1600-1630 - Arrival with Tea and Cake
1630-1730 - International Approaches to Early Childhood Education and Care – things aren’t always what they seem - Dr. Verity Campbell-Barr, Plymouth Institute of Education
1730-1830 - Cornwall and Devon Early Education AGM – ALL WELCOME!!
The international sharing of ideas on how to care for and educate children has a long history that is well illustrated by considering how the ideas of many early childhood education and care (ECEC) pioneers (e.g. Montessori, Froeblel, Malaguzzi and Vygotsky) have spread across the globe. The international interest in, and sharing of ideas on, ECEC has perhaps never been greater, motivated by an interest in supporting children’s holistic development. Whilst I would not want to dispute the benefits of ECEC for children’s development or question the advantages that can come from sharing ideas on ECEC internationally, I would suggest an analysis of whether there is a globalisation of ECEC. Starting by considering large scale international research on ECEC, I question whether there is a risk of a convergence of ideas on ECEC that neglects the opportunity for locally sourced solutions to local problems. I will illustrate my example by drawing on the International Early Learning Study (OECD 2015), dubbed the ECEC PISA to consider whether the ideas of how to care for and education children are increasingly shaped by limited constructions of ECEC as ‘readying’ the child for the next life stage. I will contrast the International Early Learning Study with the history of Reggio Emilia, whereby the development of ECEC was driven by the local history, culture and need. Drawing on my experiences of visiting Reggio Emilia I will consider the appeal of the Reggio Approach for those involved in ECEC, whereby its democratic values appear to be an antidote to the notion of readiness. However, I question whether the democratic values of the Reggio Approach risk being another form of regulatory gaze that determines what ECEC is and how it should be.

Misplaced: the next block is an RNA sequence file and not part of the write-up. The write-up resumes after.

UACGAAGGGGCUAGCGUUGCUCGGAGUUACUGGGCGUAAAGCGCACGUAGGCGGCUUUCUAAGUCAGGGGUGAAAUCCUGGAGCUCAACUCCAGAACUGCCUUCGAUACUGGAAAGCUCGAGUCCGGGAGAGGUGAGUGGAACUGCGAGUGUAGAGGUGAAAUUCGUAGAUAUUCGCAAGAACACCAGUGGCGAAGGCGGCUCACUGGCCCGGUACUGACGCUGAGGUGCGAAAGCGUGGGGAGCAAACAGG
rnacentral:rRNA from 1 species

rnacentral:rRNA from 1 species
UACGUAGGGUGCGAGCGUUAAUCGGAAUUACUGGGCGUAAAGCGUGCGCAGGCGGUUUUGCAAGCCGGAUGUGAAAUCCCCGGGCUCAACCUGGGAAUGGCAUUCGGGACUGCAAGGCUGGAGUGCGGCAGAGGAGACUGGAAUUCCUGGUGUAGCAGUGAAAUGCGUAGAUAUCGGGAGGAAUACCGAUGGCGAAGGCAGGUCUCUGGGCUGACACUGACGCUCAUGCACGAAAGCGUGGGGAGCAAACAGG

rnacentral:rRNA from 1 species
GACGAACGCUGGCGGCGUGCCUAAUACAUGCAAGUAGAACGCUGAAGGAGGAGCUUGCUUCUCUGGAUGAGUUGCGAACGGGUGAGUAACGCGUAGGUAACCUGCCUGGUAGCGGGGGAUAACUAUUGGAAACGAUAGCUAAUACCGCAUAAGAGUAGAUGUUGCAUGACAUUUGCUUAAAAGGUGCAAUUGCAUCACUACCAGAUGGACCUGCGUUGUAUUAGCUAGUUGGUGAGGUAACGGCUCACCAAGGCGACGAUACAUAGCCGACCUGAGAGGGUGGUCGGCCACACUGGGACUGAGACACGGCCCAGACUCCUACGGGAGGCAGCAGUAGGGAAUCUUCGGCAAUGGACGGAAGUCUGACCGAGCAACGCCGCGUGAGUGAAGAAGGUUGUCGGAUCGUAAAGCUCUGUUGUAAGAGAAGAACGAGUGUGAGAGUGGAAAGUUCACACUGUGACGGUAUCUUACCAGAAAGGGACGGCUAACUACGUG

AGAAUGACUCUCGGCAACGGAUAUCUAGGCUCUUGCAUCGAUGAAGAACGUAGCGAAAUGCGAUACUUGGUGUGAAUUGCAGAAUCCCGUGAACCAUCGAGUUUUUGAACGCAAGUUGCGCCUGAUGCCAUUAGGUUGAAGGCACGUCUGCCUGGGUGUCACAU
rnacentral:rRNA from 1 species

Verity is a lecturer in Early Childhood Studies at Plymouth University where she is involved in teaching on both undergraduate and post-graduate courses. She comes from a policy background having worked for a local authority and the Policy Studies Institute. In both of these roles she has been involved in researching issues relating to the supply and demand of early years and childcare services. More recently, in her role at Plymouth, she has focussed her research on the quality of early years and childcare services and writing about the position of the child in early childhood education and care policy developments. She has undertaken projects on exploring understandings of quality for working with two year olds and European comparisons on the skills needed to be a ‘good’ practitioner. She is currently writing about quality and the role of the workforce in the early years and has developed a particular interest in the position of emotional competences for early years practitioners. (More details on Verity’s research and publications can be found here: https://www.plymouth.ac.uk/staff/verity-campbell-barr).